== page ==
Stories of Hope
Martir Salmeron is a Marie Reed lifelong friend. When his mother was pregnant with him, she sought out the clinic which is now home to our Marie Reed Medical Center for her OB/GYN care. It was not a Community of Hope site at the time; it was a city-run center with a similar mission to offer affordable health services to the neighborhood. She was living nearby in Columbia Heights and had recently immigrated to the U.S. from El Salvador. After Martir was born, he’d go there for check-ups. Fast forward about 30 years, and Martir is back as a volunteer.
Until recently, Edith Higgins let her diabetes get the better of her. She was not taking her medication consistently. She made a habit of eating chocolate cake and other foods that diabetes patients are encouraged to avoid. The mismanaged disease left her tired all the time, and it exacerbated her other conditions. At one point, what should have been a one-day hospital visit became five days because of diabetes-related complications.
When Community of Hope began making plans to open a health center in Ward 8, we asked people in this community what services they need. One of the most common responses? People need help finding jobs. We listened, and began developing our first-ever workforce development curriculum to offer at our new building. Two years later, our Customer Service Skills Certificate Program is going strong, and is open to both our clients and the broader community.
For Carlton Richmond, being a mentor comes naturally. This native Washingtonian has volunteered with Community of Hope’s mentor program for the past two years, working with JT, a junior at Anacostia High School. “It’s my way of giving back to my community,” Carlton says. “It’s about him, it’s not about me."
Stepping out from some difficult circumstances, Kiara never let homelessness stop her from achieving her goals.
Four years ago, Kiara was living in a one-bedroom apartment with 16 people, at times with no electricity or running water. Her family eventually moved into a shelter, and they later joined the Community of Hope's permament supportive housing program in 2013.
Six years ago, Aja was a patient at our Marie Reed Health Center. Pregnant with her second child, she really wanted a natural birth.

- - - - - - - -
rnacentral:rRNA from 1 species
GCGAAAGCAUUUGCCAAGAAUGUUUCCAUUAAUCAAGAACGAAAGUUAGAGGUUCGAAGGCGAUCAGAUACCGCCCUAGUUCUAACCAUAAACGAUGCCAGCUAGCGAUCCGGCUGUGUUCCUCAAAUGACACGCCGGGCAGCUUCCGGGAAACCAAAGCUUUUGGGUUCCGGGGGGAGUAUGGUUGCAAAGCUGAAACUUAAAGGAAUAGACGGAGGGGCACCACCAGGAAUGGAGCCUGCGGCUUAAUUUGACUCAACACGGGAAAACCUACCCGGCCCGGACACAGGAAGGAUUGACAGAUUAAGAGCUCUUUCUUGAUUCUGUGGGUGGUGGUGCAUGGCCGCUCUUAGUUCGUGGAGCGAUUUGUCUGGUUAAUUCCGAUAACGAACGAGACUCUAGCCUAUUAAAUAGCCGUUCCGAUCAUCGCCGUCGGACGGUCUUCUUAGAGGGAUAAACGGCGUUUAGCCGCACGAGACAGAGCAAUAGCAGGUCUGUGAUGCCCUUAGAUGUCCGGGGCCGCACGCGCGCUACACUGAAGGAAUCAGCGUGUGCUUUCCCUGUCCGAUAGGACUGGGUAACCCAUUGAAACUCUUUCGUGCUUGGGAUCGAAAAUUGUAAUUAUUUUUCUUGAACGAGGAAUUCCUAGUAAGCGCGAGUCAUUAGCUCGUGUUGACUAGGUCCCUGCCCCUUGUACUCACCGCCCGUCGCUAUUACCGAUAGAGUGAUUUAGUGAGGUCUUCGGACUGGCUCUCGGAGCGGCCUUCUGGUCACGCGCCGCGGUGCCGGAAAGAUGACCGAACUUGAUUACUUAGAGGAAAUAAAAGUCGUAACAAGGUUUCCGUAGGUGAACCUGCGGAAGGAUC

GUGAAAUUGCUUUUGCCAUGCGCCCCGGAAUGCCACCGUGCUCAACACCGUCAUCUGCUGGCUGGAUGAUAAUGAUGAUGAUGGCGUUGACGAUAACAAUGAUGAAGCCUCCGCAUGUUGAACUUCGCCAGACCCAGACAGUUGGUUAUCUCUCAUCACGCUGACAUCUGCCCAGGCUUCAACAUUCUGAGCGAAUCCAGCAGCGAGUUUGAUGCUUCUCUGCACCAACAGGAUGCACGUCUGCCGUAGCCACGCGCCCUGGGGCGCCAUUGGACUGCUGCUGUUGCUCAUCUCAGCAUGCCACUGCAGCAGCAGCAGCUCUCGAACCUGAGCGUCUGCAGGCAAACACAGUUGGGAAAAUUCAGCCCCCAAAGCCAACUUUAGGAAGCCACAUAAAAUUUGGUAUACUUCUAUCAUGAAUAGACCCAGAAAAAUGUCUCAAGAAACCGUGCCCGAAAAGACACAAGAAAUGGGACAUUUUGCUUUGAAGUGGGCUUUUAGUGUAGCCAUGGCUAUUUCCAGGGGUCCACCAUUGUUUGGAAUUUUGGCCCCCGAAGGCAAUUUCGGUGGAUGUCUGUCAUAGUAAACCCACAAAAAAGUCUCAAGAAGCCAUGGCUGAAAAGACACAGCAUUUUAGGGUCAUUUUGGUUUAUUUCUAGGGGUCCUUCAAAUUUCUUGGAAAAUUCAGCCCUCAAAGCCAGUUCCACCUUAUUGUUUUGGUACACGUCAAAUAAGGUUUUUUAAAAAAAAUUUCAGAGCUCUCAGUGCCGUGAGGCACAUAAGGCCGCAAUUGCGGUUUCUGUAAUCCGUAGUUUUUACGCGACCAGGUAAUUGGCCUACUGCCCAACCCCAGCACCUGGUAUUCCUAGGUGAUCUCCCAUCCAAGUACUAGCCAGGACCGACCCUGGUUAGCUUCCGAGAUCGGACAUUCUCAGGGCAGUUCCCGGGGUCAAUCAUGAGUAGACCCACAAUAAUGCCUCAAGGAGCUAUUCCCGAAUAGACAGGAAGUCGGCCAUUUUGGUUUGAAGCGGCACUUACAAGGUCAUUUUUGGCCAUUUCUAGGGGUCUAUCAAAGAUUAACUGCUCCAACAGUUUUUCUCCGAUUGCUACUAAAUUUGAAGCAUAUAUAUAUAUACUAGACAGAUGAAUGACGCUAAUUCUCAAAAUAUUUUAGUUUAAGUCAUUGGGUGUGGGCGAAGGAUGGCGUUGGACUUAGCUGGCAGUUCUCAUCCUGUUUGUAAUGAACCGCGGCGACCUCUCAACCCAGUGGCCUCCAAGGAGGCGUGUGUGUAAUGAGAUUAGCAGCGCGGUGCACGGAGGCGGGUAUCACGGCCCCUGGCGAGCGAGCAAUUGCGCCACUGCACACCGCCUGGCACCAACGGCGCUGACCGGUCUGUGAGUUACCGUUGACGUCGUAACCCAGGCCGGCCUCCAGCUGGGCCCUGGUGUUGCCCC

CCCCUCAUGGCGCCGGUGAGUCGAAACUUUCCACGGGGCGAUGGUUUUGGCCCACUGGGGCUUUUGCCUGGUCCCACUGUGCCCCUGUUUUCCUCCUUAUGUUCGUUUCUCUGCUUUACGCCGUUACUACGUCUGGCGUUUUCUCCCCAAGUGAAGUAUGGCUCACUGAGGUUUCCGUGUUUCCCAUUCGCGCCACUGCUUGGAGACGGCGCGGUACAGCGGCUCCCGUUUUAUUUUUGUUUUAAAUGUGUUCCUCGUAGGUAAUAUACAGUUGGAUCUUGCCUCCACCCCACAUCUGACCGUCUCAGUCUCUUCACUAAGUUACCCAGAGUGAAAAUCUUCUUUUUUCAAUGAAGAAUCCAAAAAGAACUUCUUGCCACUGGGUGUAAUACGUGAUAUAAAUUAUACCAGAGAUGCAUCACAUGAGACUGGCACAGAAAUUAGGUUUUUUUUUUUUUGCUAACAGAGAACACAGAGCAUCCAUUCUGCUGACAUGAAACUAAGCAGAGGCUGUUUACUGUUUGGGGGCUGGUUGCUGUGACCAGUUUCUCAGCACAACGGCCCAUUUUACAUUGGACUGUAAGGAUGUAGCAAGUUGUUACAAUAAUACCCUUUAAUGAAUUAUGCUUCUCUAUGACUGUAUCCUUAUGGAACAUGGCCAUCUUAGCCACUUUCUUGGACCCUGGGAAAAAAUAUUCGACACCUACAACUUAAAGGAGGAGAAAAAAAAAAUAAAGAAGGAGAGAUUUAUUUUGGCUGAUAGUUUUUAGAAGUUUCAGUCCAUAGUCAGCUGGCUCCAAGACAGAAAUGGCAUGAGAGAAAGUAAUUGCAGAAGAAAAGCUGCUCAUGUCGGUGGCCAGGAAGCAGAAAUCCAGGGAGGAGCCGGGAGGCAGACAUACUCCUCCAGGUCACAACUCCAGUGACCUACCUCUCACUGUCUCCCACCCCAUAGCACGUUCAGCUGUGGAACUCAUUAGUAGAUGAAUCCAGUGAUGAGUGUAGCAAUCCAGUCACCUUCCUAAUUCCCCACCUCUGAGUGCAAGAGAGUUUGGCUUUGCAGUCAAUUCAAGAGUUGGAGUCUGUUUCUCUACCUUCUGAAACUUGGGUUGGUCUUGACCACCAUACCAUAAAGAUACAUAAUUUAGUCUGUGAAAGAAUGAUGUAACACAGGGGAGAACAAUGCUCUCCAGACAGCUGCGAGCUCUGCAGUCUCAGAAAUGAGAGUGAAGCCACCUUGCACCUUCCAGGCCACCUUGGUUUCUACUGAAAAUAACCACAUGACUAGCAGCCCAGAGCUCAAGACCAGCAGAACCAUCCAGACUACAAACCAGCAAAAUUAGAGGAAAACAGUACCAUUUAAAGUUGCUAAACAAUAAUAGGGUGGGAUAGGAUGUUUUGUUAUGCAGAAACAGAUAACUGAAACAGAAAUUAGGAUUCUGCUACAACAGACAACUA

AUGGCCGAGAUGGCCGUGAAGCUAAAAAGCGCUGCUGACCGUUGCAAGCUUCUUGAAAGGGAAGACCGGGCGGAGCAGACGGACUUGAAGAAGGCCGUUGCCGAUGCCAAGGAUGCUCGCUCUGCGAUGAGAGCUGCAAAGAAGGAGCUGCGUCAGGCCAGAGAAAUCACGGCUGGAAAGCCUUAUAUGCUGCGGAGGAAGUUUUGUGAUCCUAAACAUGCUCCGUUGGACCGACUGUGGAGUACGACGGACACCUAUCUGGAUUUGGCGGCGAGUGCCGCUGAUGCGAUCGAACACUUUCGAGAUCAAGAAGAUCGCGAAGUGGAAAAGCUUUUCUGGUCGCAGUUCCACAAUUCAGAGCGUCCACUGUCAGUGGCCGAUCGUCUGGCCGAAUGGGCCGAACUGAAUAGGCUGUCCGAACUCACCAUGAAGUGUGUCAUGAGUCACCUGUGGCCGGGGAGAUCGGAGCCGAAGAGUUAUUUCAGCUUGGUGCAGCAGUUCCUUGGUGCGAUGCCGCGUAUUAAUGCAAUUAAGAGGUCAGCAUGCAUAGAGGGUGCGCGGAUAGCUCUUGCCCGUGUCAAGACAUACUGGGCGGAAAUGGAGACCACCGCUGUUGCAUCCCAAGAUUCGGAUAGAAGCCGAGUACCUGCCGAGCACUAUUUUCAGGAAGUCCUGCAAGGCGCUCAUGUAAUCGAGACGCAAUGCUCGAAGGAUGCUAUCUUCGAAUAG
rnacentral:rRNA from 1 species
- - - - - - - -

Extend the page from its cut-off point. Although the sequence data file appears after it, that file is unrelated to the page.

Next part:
After extensive research on the benefits of natural child birth, Aja was pleased to discover that Washington DC’s only free-standing birth center, Community of Hope’s Family Health and Birth Center, also provided such welcoming, comfortable, and holistic care and she immediately felt like a part of the FHBC family.
For most families in our programs, home ownership is either a hope dashed by the mortgage crisis or a far-fetched dream limited by high housing prices and low wage jobs. For one mom we serve – Ophelia – that dream is days away from becoming a reality.
Meet Jeanine – a new employee, an over-comer of being homeless, a mom who is a shining example to her daughter. Jeanine became homeless in November 2012 when she was laid off from work. Luckily, she and her daughter were able to move in with her sister and family. This housing solution only lasted for about three months before tensions flared and they were displaced once again.
Ashley Gamble knew from the moment she drove past her neighborhood health center, the Family Health and Birth Center (FHBC), six years ago that she would deliver her next child there. After two hospital childbirths, she preferred her next birthing experience to be in a more personal and holistic environment, under the care of midwives.
“I want to do a water birth at FHBC. Having autonomy over my birthing experience is really important to me this time around,” said Ashley.
Temeka Royster was ecstatic to finally receive the keys to her second home since coming to Community of Hope’s Permanent Supportive Housing (PSH) Program in 2011. After eighteen months of renting rooms and sleeping on couches and floors with her son, Damonte, Ms. Royster had enough when she witnessed a drug-addicted roommate abuse his girlfriend. Fearing their safety , she fled with her son to a neighbor’s home. “This is too much! He’s beating her, I don’t want my son seeing this. I just can’t do it.”